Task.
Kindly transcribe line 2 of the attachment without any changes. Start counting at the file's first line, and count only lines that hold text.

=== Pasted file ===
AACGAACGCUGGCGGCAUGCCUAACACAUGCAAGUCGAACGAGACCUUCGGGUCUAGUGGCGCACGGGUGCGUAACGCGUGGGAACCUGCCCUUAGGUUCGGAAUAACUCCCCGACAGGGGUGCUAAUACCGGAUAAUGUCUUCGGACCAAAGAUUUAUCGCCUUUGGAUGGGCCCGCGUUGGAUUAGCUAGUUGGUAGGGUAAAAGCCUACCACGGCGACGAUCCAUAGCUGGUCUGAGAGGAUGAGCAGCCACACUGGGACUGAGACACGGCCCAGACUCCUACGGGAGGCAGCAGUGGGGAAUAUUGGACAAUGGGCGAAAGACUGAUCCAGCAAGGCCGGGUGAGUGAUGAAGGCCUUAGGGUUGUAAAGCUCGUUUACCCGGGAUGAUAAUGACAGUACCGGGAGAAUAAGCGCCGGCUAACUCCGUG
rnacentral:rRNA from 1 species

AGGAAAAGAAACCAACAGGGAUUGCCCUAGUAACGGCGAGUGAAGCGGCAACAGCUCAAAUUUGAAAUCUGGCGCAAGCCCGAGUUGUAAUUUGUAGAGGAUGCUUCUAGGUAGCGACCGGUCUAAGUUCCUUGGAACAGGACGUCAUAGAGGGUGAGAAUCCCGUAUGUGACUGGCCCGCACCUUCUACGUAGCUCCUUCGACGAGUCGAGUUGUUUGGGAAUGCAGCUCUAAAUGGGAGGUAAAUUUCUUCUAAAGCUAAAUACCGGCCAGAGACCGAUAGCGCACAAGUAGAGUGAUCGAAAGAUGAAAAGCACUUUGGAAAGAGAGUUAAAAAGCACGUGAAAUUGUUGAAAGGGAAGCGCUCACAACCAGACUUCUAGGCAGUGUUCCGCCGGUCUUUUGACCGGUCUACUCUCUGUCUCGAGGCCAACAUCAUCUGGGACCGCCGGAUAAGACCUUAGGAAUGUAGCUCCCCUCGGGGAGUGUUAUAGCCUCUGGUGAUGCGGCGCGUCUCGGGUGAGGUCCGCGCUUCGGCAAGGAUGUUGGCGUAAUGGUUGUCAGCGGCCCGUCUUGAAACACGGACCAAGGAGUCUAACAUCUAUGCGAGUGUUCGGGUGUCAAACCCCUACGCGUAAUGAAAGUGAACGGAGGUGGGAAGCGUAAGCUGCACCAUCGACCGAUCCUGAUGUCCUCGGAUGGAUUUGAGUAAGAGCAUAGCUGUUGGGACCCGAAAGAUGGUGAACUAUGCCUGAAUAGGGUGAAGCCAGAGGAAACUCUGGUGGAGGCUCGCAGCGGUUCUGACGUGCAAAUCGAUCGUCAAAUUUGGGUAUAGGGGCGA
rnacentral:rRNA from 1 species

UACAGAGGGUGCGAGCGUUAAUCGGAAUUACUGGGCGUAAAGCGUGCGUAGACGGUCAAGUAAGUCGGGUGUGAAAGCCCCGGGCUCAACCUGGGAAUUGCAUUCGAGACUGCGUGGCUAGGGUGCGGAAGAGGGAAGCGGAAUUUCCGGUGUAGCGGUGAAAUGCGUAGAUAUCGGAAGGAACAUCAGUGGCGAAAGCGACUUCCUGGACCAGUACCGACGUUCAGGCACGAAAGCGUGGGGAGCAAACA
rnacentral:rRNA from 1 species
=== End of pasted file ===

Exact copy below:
rnacentral:rRNA from 1 species